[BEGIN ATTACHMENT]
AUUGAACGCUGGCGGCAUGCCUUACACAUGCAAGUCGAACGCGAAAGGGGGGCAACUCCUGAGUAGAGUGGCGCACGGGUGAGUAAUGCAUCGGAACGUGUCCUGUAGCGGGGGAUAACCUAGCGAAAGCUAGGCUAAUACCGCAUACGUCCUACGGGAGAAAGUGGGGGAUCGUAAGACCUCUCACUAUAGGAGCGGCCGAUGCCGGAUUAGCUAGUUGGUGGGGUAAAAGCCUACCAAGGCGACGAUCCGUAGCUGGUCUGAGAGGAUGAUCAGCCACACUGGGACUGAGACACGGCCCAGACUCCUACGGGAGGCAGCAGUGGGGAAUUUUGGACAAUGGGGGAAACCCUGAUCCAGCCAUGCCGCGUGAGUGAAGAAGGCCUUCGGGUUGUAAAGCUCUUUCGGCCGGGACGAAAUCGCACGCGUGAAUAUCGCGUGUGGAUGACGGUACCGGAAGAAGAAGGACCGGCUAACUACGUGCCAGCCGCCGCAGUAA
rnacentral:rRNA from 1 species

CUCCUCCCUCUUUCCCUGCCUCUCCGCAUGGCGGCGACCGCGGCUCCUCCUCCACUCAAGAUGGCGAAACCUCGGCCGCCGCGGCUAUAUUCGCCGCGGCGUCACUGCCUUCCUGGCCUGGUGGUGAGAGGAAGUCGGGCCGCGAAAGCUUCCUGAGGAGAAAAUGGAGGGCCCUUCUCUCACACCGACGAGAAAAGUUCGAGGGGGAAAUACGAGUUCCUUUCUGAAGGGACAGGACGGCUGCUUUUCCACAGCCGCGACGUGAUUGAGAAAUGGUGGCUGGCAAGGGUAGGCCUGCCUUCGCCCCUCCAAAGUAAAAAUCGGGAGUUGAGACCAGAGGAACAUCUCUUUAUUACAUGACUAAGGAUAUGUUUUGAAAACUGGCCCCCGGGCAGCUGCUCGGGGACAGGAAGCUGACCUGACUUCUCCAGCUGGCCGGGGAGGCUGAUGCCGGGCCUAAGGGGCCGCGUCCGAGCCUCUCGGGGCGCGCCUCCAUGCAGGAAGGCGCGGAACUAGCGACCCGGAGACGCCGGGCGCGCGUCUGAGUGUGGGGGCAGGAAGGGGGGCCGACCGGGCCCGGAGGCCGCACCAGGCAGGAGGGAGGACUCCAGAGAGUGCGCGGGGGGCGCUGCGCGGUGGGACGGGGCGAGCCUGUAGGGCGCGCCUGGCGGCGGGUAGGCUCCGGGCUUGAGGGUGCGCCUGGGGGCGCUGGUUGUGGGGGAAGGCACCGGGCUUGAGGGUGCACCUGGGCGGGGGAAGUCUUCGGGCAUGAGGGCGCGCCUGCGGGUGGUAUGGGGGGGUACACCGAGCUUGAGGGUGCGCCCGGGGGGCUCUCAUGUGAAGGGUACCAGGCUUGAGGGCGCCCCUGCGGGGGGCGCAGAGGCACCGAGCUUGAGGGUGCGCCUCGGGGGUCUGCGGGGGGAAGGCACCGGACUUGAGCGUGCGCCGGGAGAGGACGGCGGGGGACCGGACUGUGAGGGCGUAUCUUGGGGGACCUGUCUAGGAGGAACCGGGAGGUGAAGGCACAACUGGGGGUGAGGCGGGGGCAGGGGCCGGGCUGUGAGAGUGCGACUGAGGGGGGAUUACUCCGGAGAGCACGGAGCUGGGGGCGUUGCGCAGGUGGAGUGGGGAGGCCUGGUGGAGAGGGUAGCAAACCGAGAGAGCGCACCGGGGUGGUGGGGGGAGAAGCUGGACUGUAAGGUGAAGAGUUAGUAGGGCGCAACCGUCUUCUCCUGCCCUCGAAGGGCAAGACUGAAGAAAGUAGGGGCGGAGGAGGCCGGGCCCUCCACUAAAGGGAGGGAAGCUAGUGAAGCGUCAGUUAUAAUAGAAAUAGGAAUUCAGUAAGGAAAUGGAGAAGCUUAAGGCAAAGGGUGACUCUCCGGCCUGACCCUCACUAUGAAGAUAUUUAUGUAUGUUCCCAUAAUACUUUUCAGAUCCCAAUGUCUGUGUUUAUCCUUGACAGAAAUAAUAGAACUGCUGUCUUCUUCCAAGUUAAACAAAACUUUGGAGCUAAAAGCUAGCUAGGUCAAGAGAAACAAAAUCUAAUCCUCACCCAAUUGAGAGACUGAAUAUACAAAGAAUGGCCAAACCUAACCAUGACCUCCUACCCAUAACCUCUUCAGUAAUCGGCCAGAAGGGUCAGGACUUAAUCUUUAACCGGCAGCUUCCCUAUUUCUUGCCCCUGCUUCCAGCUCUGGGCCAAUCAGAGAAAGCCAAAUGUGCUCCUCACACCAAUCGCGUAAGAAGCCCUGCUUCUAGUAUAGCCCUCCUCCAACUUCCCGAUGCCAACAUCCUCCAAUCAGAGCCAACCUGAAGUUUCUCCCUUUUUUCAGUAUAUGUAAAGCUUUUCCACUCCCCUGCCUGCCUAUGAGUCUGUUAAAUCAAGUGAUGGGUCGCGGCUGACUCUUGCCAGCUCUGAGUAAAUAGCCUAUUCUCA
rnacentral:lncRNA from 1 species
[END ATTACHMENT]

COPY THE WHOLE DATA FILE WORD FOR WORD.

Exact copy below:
AUUGAACGCUGGCGGCAUGCCUUACACAUGCAAGUCGAACGCGAAAGGGGGGCAACUCCUGAGUAGAGUGGCGCACGGGUGAGUAAUGCAUCGGAACGUGUCCUGUAGCGGGGGAUAACCUAGCGAAAGCUAGGCUAAUACCGCAUACGUCCUACGGGAGAAAGUGGGGGAUCGUAAGACCUCUCACUAUAGGAGCGGCCGAUGCCGGAUUAGCUAGUUGGUGGGGUAAAAGCCUACCAAGGCGACGAUCCGUAGCUGGUCUGAGAGGAUGAUCAGCCACACUGGGACUGAGACACGGCCCAGACUCCUACGGGAGGCAGCAGUGGGGAAUUUUGGACAAUGGGGGAAACCCUGAUCCAGCCAUGCCGCGUGAGUGAAGAAGGCCUUCGGGUUGUAAAGCUCUUUCGGCCGGGACGAAAUCGCACGCGUGAAUAUCGCGUGUGGAUGACGGUACCGGAAGAAGAAGGACCGGCUAACUACGUGCCAGCCGCCGCAGUAA
rnacentral:rRNA from 1 species

CUCCUCCCUCUUUCCCUGCCUCUCCGCAUGGCGGCGACCGCGGCUCCUCCUCCACUCAAGAUGGCGAAACCUCGGCCGCCGCGGCUAUAUUCGCCGCGGCGUCACUGCCUUCCUGGCCUGGUGGUGAGAGGAAGUCGGGCCGCGAAAGCUUCCUGAGGAGAAAAUGGAGGGCCCUUCUCUCACACCGACGAGAAAAGUUCGAGGGGGAAAUACGAGUUCCUUUCUGAAGGGACAGGACGGCUGCUUUUCCACAGCCGCGACGUGAUUGAGAAAUGGUGGCUGGCAAGGGUAGGCCUGCCUUCGCCCCUCCAAAGUAAAAAUCGGGAGUUGAGACCAGAGGAACAUCUCUUUAUUACAUGACUAAGGAUAUGUUUUGAAAACUGGCCCCCGGGCAGCUGCUCGGGGACAGGAAGCUGACCUGACUUCUCCAGCUGGCCGGGGAGGCUGAUGCCGGGCCUAAGGGGCCGCGUCCGAGCCUCUCGGGGCGCGCCUCCAUGCAGGAAGGCGCGGAACUAGCGACCCGGAGACGCCGGGCGCGCGUCUGAGUGUGGGGGCAGGAAGGGGGGCCGACCGGGCCCGGAGGCCGCACCAGGCAGGAGGGAGGACUCCAGAGAGUGCGCGGGGGGCGCUGCGCGGUGGGACGGGGCGAGCCUGUAGGGCGCGCCUGGCGGCGGGUAGGCUCCGGGCUUGAGGGUGCGCCUGGGGGCGCUGGUUGUGGGGGAAGGCACCGGGCUUGAGGGUGCACCUGGGCGGGGGAAGUCUUCGGGCAUGAGGGCGCGCCUGCGGGUGGUAUGGGGGGGUACACCGAGCUUGAGGGUGCGCCCGGGGGGCUCUCAUGUGAAGGGUACCAGGCUUGAGGGCGCCCCUGCGGGGGGCGCAGAGGCACCGAGCUUGAGGGUGCGCCUCGGGGGUCUGCGGGGGGAAGGCACCGGACUUGAGCGUGCGCCGGGAGAGGACGGCGGGGGACCGGACUGUGAGGGCGUAUCUUGGGGGACCUGUCUAGGAGGAACCGGGAGGUGAAGGCACAACUGGGGGUGAGGCGGGGGCAGGGGCCGGGCUGUGAGAGUGCGACUGAGGGGGGAUUACUCCGGAGAGCACGGAGCUGGGGGCGUUGCGCAGGUGGAGUGGGGAGGCCUGGUGGAGAGGGUAGCAAACCGAGAGAGCGCACCGGGGUGGUGGGGGGAGAAGCUGGACUGUAAGGUGAAGAGUUAGUAGGGCGCAACCGUCUUCUCCUGCCCUCGAAGGGCAAGACUGAAGAAAGUAGGGGCGGAGGAGGCCGGGCCCUCCACUAAAGGGAGGGAAGCUAGUGAAGCGUCAGUUAUAAUAGAAAUAGGAAUUCAGUAAGGAAAUGGAGAAGCUUAAGGCAAAGGGUGACUCUCCGGCCUGACCCUCACUAUGAAGAUAUUUAUGUAUGUUCCCAUAAUACUUUUCAGAUCCCAAUGUCUGUGUUUAUCCUUGACAGAAAUAAUAGAACUGCUGUCUUCUUCCAAGUUAAACAAAACUUUGGAGCUAAAAGCUAGCUAGGUCAAGAGAAACAAAAUCUAAUCCUCACCCAAUUGAGAGACUGAAUAUACAAAGAAUGGCCAAACCUAACCAUGACCUCCUACCCAUAACCUCUUCAGUAAUCGGCCAGAAGGGUCAGGACUUAAUCUUUAACCGGCAGCUUCCCUAUUUCUUGCCCCUGCUUCCAGCUCUGGGCCAAUCAGAGAAAGCCAAAUGUGCUCCUCACACCAAUCGCGUAAGAAGCCCUGCUUCUAGUAUAGCCCUCCUCCAACUUCCCGAUGCCAACAUCCUCCAAUCAGAGCCAACCUGAAGUUUCUCCCUUUUUUCAGUAUAUGUAAAGCUUUUCCACUCCCCUGCCUGCCUAUGAGUCUGUUAAAUCAAGUGAUGGGUCGCGGCUGACUCUUGCCAGCUCUGAGUAAAUAGCCUAUUCUCA
rnacentral:lncRNA from 1 species